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Bobbi Wegner Psy.D.

Monster Slippers, Minecraft, and Porn

The average age of first exposure to porn is 11.

Photo by Annie Spratt on Unsplash
Source: Photo by Annie Spratt on Unsplash

“Good morning, Cam,” I say to my 11-year-old son as he bumbles down the hallway, a little sleepy, so cute in his flannel pajama bottoms, walking wobbly, half-awake, wearing oversized monster feet slippers, and with a big, loving smile. “Good morning, Mom. Love you," he replies. This is Cam. This is 11. He is gaining in height and weight, but is still my young, sweet guy. My baby, always.

“Mom, what does it mean to not drop the soap in jail?” Also, “Why did that rapper, Tekashi69, name himself that? It’s kinda inappropriate.” And, “What is a pimp? Why do people sell sex and why is it dangerous?” These are also things Cam said recently. Of course, these comments spun off into bigger conversations, including him (and his 9-year-brother) explaining to me what ‘69’ is. (I’m writing a whole book on how to have these conversations.) But the point is that our kids know a lot more at a younger age than we expect. How we see them and where they are in their normal sexual development is mismatched. This, coupled with access to technology 24:7, creates the Wild West of exploration, misinformed knowledge, and questions that parents are often ill-equipped to answer because they evoke feelings of shame and discomfort. But when conversations aren’t had at home, kids turn elsewhere, and that is not good for anybody, now or down the line.

With the advent and popularization of the internet starting in 1991, the way pornography was consumed radically changed. The biggest jump in porn consumption has been between the people born in the 1970s and the 1980s. These porn pioneers are now parents and on a new frontier. Online porn has been around for some time, and so there are new and changing parental norms without a lot of education or understanding—and people are scared to talk about it. Ask a group of adults at a dinner party who watches porn. Screech. Party over, although the largest consumers of internet porn are males age 35-49, and a third of all internet porn use is by women. Parents don’t know what to do or say.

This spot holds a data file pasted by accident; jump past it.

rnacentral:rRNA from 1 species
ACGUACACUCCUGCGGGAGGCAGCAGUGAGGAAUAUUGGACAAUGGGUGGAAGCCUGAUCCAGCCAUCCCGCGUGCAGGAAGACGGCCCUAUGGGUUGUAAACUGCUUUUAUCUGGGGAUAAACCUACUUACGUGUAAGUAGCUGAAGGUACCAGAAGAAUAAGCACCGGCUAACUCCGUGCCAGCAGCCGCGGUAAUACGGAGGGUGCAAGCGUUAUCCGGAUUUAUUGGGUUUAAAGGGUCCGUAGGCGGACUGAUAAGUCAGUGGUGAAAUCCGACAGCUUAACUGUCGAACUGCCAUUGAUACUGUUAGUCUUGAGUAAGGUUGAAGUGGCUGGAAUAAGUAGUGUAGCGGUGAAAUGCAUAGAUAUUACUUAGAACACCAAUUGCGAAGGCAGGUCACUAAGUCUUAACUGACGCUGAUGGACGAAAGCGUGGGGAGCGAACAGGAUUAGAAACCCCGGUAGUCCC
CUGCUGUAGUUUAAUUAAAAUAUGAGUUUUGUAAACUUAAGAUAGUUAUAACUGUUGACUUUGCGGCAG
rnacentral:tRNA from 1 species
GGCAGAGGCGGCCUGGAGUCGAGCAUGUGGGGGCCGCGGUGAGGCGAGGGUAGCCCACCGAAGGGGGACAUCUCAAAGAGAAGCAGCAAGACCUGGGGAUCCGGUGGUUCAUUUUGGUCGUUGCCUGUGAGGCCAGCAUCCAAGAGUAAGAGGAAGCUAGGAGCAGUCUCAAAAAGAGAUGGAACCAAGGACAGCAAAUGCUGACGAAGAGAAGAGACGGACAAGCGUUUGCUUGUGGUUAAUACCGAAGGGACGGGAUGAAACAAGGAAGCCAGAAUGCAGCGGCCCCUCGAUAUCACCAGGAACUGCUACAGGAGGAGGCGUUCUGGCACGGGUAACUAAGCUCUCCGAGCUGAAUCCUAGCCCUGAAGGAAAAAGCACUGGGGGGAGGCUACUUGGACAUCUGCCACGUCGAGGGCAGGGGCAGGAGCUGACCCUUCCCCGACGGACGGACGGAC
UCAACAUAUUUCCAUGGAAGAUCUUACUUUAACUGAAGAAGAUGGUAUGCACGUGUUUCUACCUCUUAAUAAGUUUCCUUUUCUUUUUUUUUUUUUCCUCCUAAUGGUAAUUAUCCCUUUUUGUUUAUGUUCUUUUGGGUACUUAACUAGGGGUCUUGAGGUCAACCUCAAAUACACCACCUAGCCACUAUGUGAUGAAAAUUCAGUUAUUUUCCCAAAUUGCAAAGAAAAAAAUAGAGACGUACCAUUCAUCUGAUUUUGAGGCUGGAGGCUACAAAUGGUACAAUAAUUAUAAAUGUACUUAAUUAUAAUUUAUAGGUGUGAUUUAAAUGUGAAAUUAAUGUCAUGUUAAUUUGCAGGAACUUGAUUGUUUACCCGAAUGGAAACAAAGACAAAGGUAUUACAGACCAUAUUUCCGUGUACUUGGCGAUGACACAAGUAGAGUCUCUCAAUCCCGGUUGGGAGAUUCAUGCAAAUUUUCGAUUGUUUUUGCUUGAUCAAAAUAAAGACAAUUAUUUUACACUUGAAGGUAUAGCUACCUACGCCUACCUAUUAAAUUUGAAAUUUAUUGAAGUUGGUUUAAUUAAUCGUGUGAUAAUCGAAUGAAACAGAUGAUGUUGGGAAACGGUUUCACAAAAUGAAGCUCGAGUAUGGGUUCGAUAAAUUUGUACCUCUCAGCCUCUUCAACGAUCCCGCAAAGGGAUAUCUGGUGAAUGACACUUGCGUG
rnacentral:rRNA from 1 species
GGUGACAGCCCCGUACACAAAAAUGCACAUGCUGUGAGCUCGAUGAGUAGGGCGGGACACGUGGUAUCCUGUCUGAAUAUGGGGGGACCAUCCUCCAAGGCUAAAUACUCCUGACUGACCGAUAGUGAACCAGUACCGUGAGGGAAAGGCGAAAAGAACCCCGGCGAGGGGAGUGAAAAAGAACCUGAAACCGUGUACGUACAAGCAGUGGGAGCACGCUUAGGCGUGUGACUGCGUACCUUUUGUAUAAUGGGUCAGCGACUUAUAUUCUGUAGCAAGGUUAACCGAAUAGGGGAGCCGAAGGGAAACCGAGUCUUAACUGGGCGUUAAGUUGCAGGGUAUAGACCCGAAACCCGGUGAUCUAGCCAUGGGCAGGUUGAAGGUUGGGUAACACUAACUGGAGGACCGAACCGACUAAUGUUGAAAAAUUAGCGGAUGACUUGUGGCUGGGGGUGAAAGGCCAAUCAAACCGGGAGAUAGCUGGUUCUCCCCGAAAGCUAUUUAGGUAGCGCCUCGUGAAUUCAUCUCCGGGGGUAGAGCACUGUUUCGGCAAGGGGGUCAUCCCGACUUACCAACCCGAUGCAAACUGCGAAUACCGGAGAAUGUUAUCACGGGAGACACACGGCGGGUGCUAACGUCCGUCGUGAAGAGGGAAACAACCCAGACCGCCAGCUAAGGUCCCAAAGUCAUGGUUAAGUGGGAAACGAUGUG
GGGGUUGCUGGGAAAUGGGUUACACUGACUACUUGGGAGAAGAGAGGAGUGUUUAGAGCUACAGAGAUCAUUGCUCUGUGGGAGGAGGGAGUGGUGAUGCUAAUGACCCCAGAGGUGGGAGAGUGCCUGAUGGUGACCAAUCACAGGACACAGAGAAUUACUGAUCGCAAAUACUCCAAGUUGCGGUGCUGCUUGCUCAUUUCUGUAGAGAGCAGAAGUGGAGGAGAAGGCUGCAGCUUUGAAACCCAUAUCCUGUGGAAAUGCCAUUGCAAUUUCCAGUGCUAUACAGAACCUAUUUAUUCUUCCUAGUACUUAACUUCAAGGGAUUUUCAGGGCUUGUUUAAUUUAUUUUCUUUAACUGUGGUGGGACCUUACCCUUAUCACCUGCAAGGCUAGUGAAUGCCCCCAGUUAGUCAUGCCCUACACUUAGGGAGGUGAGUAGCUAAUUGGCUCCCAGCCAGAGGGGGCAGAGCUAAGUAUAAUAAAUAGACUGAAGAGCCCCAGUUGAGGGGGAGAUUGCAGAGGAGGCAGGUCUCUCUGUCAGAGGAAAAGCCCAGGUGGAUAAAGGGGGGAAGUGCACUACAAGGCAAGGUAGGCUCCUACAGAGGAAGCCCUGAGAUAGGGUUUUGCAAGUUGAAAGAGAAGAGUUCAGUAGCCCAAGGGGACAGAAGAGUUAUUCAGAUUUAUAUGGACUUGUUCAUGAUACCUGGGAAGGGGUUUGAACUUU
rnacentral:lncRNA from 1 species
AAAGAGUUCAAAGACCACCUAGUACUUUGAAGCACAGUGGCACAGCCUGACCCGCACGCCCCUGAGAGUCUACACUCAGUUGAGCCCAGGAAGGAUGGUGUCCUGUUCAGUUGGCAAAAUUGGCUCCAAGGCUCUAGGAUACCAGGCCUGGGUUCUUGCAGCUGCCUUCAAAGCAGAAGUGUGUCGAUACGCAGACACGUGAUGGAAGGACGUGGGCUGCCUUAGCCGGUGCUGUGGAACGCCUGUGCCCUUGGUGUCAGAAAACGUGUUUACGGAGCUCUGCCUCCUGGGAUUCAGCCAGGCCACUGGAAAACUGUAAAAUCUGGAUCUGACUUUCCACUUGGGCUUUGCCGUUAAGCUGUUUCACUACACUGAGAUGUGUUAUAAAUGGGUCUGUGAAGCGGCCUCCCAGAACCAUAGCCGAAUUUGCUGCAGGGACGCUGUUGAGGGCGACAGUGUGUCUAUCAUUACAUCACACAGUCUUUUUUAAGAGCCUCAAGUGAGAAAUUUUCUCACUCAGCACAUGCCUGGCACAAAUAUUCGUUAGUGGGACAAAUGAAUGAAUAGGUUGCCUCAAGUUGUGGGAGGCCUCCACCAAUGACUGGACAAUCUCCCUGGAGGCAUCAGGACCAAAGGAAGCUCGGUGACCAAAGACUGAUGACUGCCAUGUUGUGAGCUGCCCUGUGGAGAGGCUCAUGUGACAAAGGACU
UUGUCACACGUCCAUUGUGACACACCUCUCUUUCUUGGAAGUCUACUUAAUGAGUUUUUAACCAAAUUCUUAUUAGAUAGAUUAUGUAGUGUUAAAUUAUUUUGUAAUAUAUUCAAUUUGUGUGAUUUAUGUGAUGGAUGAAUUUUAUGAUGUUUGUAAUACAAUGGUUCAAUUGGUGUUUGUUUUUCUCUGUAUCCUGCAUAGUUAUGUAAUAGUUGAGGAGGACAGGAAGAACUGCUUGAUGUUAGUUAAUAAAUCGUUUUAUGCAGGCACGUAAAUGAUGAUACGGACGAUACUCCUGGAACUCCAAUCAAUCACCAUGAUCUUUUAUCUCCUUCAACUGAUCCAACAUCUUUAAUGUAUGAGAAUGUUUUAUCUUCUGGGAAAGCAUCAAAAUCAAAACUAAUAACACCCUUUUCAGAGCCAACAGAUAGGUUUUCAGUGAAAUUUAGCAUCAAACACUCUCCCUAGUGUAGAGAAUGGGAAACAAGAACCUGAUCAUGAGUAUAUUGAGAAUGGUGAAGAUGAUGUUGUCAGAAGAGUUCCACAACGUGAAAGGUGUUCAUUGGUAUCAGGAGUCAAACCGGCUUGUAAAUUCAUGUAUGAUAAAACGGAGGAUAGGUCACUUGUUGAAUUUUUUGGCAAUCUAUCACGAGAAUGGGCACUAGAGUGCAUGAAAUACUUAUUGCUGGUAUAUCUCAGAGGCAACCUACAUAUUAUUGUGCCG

Whether porn is healthy and ethical is a whole other conversation, but the reality is that kids are exposed early, practically in 3D, with every sexual curiosity visualized at their fingertips, and they need help understanding what they are seeing. With the advent of high-speed internet and Pornhub in 2007, with 100 million visitors per day, interests ranging from oral to My Little Pony can be found (Orenstein, 2020). Nothing is left to the imagination, and inaccurate sexual representations are being built without discussion or questioning. These early experiences shape how kids see themselves, others, and sexuality. Our children are guinea pigs in the experiment of online porn as we figure this out culturally.

And this is the kicker: The average age of first exposure to porn is 11. This is Cam. Floppy monster slippers, awkward braces, and porn? This is the reality. With 12% of all internet sites being pornographic, the probability of stumbling onto some nakedness is quite high. Pair this with developing sexual curiosity, and the internet is the new sex education class, providing unrealistic and inaccurate messages to boys and girls alike.

All of this might be alarming but the thing to remember is that sexual development begins in utero and continues throughout the lifespan. Given how natural this process is, we don’t do it well as a society. Curiosity, questioning, masturbation, and exploration are all healthy and normal parts of this developmental process. Don’t judge and shame this process for your child. Your messaging around sex will also stick with them for a lifetime. The role of the parent is to understand both the normative sexual development process, know where your child is getting information, and move toward a conversation rather than away from one. With TikTok, YouTube, and all of the other online media, expect that your child has seen something at least mildly pornographic. Ask. Be curious. Look for entry points into conversation. Expect that the conversation will not be perfect, and you will look back and wish that you said something different. The most important take-home is that your child learns that they can talk to you.

These conversations are opportunities. The more you set the tone and show your comfort (even if it's feigned), you give the green light and teach that you are a go-to resource, building future collateral for much bigger conversations in middle and high school. Prime yourself and prime your child. Be realistic. Be loving. Be available. And talk. We are all figuring this out together.

References

Orenstein, P. (2020). Boys & sex: young men on hookups, love, porn, consent, and navigating the new masculinity. New York, NY: Harper, an Imprint of HarperCollins Publishers.

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